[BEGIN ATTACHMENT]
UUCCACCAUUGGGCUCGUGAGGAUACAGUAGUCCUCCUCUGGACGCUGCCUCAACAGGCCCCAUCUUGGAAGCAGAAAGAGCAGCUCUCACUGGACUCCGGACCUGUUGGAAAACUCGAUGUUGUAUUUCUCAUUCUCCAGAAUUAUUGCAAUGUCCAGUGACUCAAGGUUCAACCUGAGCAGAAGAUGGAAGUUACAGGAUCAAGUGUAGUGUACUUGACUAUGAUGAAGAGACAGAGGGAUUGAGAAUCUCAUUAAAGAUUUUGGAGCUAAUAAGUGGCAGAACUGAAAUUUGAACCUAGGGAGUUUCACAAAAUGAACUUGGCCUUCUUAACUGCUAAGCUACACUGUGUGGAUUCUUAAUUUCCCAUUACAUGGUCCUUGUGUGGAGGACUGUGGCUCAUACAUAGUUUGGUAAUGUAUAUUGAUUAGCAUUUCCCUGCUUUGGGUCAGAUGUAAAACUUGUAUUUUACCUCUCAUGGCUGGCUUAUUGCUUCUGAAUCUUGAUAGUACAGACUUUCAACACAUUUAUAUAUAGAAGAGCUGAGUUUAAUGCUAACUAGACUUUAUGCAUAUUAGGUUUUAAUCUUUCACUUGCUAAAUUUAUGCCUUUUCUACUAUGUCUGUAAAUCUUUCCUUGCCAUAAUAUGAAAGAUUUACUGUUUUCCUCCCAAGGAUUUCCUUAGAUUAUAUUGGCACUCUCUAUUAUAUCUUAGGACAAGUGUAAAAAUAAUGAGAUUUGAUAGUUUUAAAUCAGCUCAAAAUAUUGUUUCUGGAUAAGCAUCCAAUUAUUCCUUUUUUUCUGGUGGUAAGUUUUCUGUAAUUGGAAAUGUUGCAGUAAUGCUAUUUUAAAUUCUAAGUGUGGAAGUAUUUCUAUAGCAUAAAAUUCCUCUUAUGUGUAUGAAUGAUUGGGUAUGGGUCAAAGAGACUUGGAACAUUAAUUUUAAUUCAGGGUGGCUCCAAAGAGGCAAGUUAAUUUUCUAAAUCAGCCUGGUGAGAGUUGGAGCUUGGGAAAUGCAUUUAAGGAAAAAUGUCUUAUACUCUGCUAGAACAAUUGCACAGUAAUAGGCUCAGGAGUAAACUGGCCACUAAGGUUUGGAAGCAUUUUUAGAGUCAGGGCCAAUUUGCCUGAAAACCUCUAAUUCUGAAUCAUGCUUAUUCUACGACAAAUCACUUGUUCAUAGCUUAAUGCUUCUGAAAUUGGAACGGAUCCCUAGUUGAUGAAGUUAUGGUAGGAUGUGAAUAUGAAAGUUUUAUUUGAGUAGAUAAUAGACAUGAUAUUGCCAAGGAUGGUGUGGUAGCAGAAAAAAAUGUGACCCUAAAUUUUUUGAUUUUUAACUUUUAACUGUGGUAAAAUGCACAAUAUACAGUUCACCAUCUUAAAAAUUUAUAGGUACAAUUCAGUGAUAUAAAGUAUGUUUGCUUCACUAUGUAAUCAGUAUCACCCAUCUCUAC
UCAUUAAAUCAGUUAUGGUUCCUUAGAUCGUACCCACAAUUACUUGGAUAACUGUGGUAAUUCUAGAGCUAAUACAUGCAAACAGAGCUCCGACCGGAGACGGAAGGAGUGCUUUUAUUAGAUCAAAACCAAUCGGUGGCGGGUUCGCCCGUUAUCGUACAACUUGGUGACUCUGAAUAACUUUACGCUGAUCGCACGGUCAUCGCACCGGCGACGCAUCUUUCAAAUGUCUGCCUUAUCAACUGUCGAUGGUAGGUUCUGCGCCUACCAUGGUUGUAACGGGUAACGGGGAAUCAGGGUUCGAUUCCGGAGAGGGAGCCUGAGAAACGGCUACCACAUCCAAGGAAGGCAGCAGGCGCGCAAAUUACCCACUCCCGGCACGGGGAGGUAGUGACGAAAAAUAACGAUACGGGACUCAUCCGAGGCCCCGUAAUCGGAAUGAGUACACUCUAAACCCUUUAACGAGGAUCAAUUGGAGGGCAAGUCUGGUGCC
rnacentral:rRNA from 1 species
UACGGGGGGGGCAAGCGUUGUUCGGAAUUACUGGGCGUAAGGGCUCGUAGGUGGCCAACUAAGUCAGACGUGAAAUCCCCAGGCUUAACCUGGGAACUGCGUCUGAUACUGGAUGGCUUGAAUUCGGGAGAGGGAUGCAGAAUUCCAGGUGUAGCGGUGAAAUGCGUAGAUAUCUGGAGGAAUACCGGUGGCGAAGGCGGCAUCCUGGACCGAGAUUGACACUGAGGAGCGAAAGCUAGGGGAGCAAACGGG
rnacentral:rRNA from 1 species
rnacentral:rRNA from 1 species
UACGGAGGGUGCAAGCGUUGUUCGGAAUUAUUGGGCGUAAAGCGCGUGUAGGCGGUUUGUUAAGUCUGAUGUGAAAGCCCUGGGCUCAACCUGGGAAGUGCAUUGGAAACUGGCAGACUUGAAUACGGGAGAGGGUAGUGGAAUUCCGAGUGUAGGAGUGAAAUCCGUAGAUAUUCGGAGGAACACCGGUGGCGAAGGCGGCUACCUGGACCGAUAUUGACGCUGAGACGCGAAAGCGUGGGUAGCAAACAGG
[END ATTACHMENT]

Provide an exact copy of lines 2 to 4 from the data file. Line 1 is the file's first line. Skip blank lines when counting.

UCAUUAAAUCAGUUAUGGUUCCUUAGAUCGUACCCACAAUUACUUGGAUAACUGUGGUAAUUCUAGAGCUAAUACAUGCAAACAGAGCUCCGACCGGAGACGGAAGGAGUGCUUUUAUUAGAUCAAAACCAAUCGGUGGCGGGUUCGCCCGUUAUCGUACAACUUGGUGACUCUGAAUAACUUUACGCUGAUCGCACGGUCAUCGCACCGGCGACGCAUCUUUCAAAUGUCUGCCUUAUCAACUGUCGAUGGUAGGUUCUGCGCCUACCAUGGUUGUAACGGGUAACGGGGAAUCAGGGUUCGAUUCCGGAGAGGGAGCCUGAGAAACGGCUACCACAUCCAAGGAAGGCAGCAGGCGCGCAAAUUACCCACUCCCGGCACGGGGAGGUAGUGACGAAAAAUAACGAUACGGGACUCAUCCGAGGCCCCGUAAUCGGAAUGAGUACACUCUAAACCCUUUAACGAGGAUCAAUUGGAGGGCAAGUCUGGUGCC
rnacentral:rRNA from 1 species
UACGGGGGGGGCAAGCGUUGUUCGGAAUUACUGGGCGUAAGGGCUCGUAGGUGGCCAACUAAGUCAGACGUGAAAUCCCCAGGCUUAACCUGGGAACUGCGUCUGAUACUGGAUGGCUUGAAUUCGGGAGAGGGAUGCAGAAUUCCAGGUGUAGCGGUGAAAUGCGUAGAUAUCUGGAGGAAUACCGGUGGCGAAGGCGGCAUCCUGGACCGAGAUUGACACUGAGGAGCGAAAGCUAGGGGAGCAAACGGG